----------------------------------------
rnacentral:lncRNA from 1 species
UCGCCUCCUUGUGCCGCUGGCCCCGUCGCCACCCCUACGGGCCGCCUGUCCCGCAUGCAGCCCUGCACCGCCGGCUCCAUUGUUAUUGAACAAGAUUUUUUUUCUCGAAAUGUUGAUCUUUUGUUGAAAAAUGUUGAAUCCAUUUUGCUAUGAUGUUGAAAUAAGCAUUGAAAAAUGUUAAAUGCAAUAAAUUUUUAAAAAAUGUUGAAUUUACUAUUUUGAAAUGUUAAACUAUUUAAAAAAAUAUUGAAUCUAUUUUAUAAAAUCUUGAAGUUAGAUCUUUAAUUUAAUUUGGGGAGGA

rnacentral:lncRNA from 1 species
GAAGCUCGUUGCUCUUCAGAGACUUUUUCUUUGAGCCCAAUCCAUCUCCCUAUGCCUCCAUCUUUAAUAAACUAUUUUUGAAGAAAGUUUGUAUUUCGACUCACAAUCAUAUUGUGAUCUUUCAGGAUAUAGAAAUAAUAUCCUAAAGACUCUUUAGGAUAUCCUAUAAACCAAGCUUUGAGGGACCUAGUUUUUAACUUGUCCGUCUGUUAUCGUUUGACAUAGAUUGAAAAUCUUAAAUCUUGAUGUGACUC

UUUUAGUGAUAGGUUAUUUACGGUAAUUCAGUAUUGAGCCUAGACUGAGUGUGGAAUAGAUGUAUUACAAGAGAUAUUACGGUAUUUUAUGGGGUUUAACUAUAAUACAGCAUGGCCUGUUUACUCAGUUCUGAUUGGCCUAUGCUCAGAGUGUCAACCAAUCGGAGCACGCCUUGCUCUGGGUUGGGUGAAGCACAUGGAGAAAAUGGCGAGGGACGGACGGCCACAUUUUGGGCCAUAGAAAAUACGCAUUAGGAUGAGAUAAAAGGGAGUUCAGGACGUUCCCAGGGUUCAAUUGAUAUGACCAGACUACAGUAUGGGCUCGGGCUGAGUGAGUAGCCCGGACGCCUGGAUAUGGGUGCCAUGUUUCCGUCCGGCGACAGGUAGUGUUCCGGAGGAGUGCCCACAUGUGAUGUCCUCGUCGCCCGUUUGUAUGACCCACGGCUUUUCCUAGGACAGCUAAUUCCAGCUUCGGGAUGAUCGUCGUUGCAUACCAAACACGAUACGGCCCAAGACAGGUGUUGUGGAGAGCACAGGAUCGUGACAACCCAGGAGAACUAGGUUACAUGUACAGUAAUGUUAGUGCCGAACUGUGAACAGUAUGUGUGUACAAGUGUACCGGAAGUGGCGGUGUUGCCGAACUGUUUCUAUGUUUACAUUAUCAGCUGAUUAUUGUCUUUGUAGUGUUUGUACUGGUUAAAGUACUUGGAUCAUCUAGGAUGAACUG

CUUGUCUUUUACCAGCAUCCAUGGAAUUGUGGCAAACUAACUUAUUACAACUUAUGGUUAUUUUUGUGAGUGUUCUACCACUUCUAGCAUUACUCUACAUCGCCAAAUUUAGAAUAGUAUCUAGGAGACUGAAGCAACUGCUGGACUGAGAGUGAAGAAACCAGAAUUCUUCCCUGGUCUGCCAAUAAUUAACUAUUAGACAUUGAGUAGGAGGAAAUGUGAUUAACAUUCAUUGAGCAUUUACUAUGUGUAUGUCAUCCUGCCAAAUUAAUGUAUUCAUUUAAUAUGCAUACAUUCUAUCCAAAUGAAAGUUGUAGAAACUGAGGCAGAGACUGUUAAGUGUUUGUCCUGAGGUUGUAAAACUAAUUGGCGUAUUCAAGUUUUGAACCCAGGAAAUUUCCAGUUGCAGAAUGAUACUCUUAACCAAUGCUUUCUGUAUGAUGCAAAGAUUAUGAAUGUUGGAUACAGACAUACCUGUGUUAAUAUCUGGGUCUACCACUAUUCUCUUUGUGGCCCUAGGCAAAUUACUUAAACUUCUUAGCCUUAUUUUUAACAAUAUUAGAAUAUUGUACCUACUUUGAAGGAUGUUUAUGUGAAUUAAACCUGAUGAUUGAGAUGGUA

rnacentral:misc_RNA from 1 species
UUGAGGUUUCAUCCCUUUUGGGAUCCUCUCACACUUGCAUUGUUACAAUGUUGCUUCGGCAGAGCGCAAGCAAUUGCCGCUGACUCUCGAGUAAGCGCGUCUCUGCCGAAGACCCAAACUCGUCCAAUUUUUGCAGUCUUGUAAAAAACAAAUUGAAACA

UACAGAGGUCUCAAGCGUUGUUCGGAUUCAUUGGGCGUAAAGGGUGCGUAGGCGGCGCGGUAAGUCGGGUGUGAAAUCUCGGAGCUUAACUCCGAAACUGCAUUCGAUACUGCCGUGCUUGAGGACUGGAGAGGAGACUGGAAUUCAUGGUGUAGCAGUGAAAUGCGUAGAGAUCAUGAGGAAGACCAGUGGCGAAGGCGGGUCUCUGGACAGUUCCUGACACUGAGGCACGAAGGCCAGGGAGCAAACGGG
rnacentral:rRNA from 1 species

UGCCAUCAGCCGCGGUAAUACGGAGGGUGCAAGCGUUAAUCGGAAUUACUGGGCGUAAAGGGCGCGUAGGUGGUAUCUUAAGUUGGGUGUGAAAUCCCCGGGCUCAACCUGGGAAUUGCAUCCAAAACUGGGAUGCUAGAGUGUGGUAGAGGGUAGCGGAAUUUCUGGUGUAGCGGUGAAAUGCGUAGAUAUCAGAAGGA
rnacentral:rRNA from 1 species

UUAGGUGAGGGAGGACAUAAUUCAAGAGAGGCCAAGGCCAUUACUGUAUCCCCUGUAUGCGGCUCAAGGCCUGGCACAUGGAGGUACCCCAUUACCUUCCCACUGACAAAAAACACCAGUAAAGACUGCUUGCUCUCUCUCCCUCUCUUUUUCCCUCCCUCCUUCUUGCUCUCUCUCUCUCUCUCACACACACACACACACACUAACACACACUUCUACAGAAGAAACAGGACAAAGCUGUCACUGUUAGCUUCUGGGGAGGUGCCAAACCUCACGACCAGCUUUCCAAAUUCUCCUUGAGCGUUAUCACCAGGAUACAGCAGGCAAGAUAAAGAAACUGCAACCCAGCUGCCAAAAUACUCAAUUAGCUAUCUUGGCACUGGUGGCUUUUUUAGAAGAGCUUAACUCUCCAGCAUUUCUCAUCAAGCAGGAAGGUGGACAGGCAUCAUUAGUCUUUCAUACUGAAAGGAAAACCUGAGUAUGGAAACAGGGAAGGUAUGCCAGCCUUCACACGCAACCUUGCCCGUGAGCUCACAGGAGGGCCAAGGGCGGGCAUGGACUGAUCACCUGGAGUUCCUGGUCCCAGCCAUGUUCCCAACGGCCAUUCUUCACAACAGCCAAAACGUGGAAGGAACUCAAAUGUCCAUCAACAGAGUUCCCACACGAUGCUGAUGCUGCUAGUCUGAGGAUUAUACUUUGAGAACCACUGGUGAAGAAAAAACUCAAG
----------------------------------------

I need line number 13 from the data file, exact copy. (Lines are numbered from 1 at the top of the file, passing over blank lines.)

UUAGGUGAGGGAGGACAUAAUUCAAGAGAGGCCAAGGCCAUUACUGUAUCCCCUGUAUGCGGCUCAAGGCCUGGCACAUGGAGGUACCCCAUUACCUUCCCACUGACAAAAAACACCAGUAAAGACUGCUUGCUCUCUCUCCCUCUCUUUUUCCCUCCCUCCUUCUUGCUCUCUCUCUCUCUCUCACACACACACACACACACUAACACACACUUCUACAGAAGAAACAGGACAAAGCUGUCACUGUUAGCUUCUGGGGAGGUGCCAAACCUCACGACCAGCUUUCCAAAUUCUCCUUGAGCGUUAUCACCAGGAUACAGCAGGCAAGAUAAAGAAACUGCAACCCAGCUGCCAAAAUACUCAAUUAGCUAUCUUGGCACUGGUGGCUUUUUUAGAAGAGCUUAACUCUCCAGCAUUUCUCAUCAAGCAGGAAGGUGGACAGGCAUCAUUAGUCUUUCAUACUGAAAGGAAAACCUGAGUAUGGAAACAGGGAAGGUAUGCCAGCCUUCACACGCAACCUUGCCCGUGAGCUCACAGGAGGGCCAAGGGCGGGCAUGGACUGAUCACCUGGAGUUCCUGGUCCCAGCCAUGUUCCCAACGGCCAUUCUUCACAACAGCCAAAACGUGGAAGGAACUCAAAUGUCCAUCAACAGAGUUCCCACACGAUGCUGAUGCUGCUAGUCUGAGGAUUAUACUUUGAGAACCACUGGUGAAGAAAAAACUCAAG